5.OTHER ELEMENTS

Detailed explanation of the specific provisions of the proposal

The proposal establishes a Union Resettlement Framework for the annual resettlement of a certain number of third-country nationals or stateless persons to the territory of the Member States.

It aims to enable the Union to provide for legal and safe arrival of third-country nationals or stateless persons in need of international protection, contribute to the reduction of the risk of a large-scale irregular inflow of third-country nationals or stateless persons in need of international protection to the territory of the Member States, and contribute to international resettlement initiatives.

The essential elements of the Framework, such as the establishment of common Union rules on admission of third-country nationals through resettlement, including the rules on eligibility criteria and exclusion grounds, the standard procedures governing all stages of the resettlement process, the status to be accorded to resettled persons, the decision making procedures to ensure uniform conditions for the implementation of the Framework, and the financial support to the Member States' resettlement efforts are set out in this legislative proposal. The implementation thereof will include the setting of annual Union resettlement plans through Council implementing acts and the adoption of targeted Union resettlement schemes through Commission implementing acts.

The main elements of the proposal are:

Resettlement

Resettlement means the admission to the territory of the Member States of third country nationals in need of international protection who have been displaced from or within their country of nationality, for the purpose of granting them international protection. The same applies to stateless persons in need of international protection displaced from or within their country of former habitual residence.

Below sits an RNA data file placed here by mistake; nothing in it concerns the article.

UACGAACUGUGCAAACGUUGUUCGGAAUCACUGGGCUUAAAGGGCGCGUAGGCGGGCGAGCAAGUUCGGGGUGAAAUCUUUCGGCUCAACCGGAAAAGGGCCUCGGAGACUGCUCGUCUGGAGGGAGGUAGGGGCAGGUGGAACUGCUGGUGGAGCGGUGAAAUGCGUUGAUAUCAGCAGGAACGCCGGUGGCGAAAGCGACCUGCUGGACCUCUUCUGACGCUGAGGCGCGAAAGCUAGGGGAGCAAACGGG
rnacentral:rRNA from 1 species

Regions or third countries from which resettlement is to occur

In the implementing acts establishing targeted Union resettlement schemes and the annual Union resettlement plans, the Commission and the Council shall, when specifying the regions or third countries from which resettlement shall take place, take into account a number of factors which indicate the situation of persons in need of protection, the countries from which resettlement should take place, and the number of persons in need of international protection displaced to or within the specific regions or third countries. Third countries' effective cooperation with the Union in the area of migration and asylum will be an important element on which the Commission will base its decision. Such cooperation should be reflected in terms of the third country's efforts to reduce the number of third-country nationals or stateless persons irregularly crossing the Union's border from its territory, their cooperation with the Union on readmission and return of third-country nationals or stateless persons irregularly staying in the territory of the Member States, and increasing their capacity for the reception and protection of persons in need of international protection, including through the development of an effective asylum system.

Persons to be resettled

This legislative proposal sets out eligibility criteria (Article 5) and exclusion grounds (Article 6) for persons who may be considered for resettlement. Both provisions must be respected in addition to the requirement that the person falls within the scope of each targeted Union resettlement scheme adopted through a Commission implementing act. This proposal does not create any right to be admitted to the territory of the Member States for the purpose of being granted international protection.

(a)Eligibility